thanks again! I am proceeding with the divorce we go to court in March if we cant settle before which im hoping we can as im ready for this long ugly road to end. The man i though i knew no longer exist so i have to accept that and move on. It is sad that all they care about is when their next beer will be and not for their family. At the end of the day i know i did all i could to keep my family together. Maybe one day this man will wake up and see what his addiction has done to him and maybe it wont be to late.

  • Julie

    Thank you, thank you, thank you, for all your wonderful comments. Been there and done that. It has been almost 3 years since I left an alcoholic who I had been married to for many years. Everything said above is true. They love only alcohol, drugs and themselves. And, yes, they have stopped listening to God, and live a proscribed, pathetic life dictated by their addictions. It was the hardest thing I ever did to FINALLY get out of there, once and for all, and it hurt for a long time. But you have to get up off the floor and get a new life. I did this by going back to college and getting my self esteem back. I have discovered, the hard way, of course, that there is life after divorcing an alcoholic, after finally getting that monkey off my back. He can waste his life. I choose not to waste mine.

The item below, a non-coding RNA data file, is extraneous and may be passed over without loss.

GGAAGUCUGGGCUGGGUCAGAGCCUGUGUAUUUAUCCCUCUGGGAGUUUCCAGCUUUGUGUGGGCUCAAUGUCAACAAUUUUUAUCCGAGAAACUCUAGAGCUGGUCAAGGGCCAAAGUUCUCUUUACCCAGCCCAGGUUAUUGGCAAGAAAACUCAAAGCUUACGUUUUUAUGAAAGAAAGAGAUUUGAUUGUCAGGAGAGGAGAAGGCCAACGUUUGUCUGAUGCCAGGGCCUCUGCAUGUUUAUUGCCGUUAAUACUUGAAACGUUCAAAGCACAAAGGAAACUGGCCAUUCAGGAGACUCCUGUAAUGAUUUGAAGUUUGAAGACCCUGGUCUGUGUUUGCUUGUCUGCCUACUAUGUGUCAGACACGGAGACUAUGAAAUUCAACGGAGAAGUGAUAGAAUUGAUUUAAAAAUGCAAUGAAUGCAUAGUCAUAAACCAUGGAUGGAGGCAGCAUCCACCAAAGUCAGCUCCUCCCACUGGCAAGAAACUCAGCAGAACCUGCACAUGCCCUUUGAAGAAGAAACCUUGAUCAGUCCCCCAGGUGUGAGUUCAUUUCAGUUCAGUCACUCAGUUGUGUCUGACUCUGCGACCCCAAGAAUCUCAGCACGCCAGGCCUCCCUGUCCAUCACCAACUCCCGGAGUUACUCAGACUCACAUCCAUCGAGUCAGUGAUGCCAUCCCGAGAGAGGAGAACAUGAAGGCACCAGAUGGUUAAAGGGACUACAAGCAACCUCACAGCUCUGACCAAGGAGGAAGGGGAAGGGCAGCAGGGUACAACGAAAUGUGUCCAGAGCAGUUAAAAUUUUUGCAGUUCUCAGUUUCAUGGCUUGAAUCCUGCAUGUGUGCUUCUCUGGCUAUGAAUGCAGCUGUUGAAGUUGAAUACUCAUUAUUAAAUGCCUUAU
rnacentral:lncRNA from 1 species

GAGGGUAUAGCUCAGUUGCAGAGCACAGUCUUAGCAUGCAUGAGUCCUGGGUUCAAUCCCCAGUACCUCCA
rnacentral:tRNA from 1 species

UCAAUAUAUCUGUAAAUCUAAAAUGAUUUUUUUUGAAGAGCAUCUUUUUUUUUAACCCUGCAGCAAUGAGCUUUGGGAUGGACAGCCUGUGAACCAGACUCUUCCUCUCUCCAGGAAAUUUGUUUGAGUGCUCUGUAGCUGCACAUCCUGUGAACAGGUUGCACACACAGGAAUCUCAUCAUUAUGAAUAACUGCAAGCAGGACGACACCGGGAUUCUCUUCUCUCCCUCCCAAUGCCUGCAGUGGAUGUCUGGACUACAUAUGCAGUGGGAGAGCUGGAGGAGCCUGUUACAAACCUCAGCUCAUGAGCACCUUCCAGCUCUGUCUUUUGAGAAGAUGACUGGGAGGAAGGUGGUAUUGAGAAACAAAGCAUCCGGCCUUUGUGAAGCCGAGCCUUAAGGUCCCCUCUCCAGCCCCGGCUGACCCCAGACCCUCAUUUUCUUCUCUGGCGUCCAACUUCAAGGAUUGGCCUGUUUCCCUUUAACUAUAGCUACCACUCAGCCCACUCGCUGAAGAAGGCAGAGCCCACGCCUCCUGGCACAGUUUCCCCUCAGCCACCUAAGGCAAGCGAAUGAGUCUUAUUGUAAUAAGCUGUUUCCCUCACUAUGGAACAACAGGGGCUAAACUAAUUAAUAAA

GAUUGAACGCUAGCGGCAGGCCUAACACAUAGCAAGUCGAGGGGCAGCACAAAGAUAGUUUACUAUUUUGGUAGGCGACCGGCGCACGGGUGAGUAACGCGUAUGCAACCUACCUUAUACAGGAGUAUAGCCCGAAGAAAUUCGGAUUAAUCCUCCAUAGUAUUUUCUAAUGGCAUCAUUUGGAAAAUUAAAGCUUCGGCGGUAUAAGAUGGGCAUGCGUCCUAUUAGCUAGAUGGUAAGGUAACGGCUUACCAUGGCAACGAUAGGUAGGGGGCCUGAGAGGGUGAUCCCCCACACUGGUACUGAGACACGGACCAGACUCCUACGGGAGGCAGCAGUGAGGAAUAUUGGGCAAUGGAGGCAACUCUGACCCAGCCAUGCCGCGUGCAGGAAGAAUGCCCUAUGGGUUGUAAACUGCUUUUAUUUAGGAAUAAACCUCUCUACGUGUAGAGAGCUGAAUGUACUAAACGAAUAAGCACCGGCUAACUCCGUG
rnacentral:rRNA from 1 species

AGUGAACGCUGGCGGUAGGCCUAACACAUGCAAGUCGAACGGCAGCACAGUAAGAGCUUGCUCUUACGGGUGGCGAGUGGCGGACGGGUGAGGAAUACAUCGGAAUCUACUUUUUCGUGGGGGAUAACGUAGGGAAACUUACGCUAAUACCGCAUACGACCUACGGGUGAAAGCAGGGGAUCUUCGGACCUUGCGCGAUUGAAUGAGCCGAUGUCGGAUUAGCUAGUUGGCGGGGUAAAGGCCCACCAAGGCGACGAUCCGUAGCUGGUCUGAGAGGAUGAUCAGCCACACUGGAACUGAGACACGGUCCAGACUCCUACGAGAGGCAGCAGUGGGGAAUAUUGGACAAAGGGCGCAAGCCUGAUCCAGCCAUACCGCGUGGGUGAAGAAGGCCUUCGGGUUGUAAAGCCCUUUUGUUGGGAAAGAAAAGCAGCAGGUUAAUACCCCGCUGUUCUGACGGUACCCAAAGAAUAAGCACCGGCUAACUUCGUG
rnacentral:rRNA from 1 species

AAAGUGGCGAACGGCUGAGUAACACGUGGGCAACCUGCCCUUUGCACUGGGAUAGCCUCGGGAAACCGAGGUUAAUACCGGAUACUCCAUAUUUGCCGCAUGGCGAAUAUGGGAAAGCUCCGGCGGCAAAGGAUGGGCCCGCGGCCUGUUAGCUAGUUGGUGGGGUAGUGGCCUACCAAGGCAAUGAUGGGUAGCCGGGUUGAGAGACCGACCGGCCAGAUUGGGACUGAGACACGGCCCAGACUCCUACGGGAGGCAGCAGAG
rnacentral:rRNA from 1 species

• Pez

    Excellent Julie, You are an inspiration! It can be done and the pain dissipates over time, Maybe years but you will get your life back, yourself back, your dreams back!!! I am 8 months out leaving my XAB and I get better every day, every month, the light becomes brighter :-). Here is an article about the type of partner we need to be looking for or open to if we so desire. The article is written mainly about men but applies to women as well!